The Crimson Bed
Frederic Ashton Thorpe and his best friend, Henry Winstone, are artists immersed in the Pre-Raphaelite movement, with its yearning for romantic escape from the materialism of Victorian society. Seeing a half-finished portrait of the beautiful Eleanor Farnham at Henry’s studio, Fred is fascinated and returns in order to meet her. He and Ellie fall in love and are married.
But every heart hides a secret, and both Fred and Ellie have put certain events behind them – events that, if exposed, could threaten their blissful new life. Passions escalate as Fred becomes increasingly jealous of Ellie’s closeness to her handsome godfather, Lord Percy Dillinger, and when shocking truths finally come to light, their lives will never be the same again
(130,000 words; e-book £3.08 $4.80 USD; paperback £7.19, $15.95 USD)
Reviews of The Crimson Bed
“I became so entangled in the story and characters that I abandoned TV and other distractions in order to spend more time in the world of The Crimson Bed. One of the aspects that made me very happy was the believability. I’m a stickler for logic, no matter how outrageous the storyline: I must be able to think, “Yes, this is believable. I get it.” The Crimson Bed never failed me… It is, first and foremost, a character driven story filled with people the reader comes to know intimately; this is the primary reason I so heartily recommend it!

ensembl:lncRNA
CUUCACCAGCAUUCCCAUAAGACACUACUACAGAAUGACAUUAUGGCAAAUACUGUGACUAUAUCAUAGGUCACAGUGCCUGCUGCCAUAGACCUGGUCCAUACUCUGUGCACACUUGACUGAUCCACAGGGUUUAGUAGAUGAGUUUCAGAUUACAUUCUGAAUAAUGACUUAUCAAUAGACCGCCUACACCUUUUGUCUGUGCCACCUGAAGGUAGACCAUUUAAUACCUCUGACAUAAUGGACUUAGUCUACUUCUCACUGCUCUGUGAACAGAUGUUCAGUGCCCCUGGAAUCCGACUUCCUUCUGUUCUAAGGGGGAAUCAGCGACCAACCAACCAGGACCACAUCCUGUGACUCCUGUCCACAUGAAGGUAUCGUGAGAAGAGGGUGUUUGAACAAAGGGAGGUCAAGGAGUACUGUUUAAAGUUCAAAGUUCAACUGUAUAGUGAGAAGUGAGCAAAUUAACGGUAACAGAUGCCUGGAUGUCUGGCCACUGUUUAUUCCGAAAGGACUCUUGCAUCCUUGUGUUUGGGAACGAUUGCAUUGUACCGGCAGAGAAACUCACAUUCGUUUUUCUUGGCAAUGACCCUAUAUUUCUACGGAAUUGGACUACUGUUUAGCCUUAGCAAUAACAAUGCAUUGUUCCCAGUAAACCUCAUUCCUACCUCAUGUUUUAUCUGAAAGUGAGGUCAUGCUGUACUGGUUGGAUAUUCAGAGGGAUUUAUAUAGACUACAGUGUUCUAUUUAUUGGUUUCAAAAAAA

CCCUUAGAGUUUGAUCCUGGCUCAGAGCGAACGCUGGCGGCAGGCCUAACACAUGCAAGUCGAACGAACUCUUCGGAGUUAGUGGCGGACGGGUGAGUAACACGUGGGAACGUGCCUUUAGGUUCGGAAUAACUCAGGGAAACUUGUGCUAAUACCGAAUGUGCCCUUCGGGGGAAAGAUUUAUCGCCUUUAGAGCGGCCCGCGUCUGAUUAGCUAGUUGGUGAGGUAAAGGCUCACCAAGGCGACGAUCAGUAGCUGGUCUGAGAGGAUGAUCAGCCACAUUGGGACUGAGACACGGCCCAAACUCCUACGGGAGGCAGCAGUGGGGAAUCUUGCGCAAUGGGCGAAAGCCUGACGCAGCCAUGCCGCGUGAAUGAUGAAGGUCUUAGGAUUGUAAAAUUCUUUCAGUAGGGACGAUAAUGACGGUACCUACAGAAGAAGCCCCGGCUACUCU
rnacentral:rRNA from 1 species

—Rebecca Ann Lochlan, author of The Year God’s Daughter
“Set against the backdrop of the revolution in art that was started by the Pre-Raphaelite Brotherhood in the 1850s, The Crimson Bed is a tale of secrets and jealousies, omissions and lies… For every rule breaking, free living Millais or Rosetti there were thousand upon thousands of tortured Victorians trying, and mostly failing, to live within the strict moral dictates of the day… Details do not always contain the devil for me and some of Loretta’s details are divine… I enjoyed The Crimson Bed enormously both as a novel and as an account of the secretive, if not secret, world of the Victorians.”
—Barbara Nadel, author of the Inspector Ikmen and the Francis Hancock series
“How refreshing to read a historical romance set against such a lush and unusual background! I revelled in this sumptuous depiction of the Pre-Raphaelite period. The story is multi-layered and rich in symbolism and the detail is exquisitely drawn, conjuring up both the vivid atmosphere of the period and the complexities of the secrets and lies that bind the characters… The book is a page-turner too. I couldn’t put it down even though I was supposed to be writing!”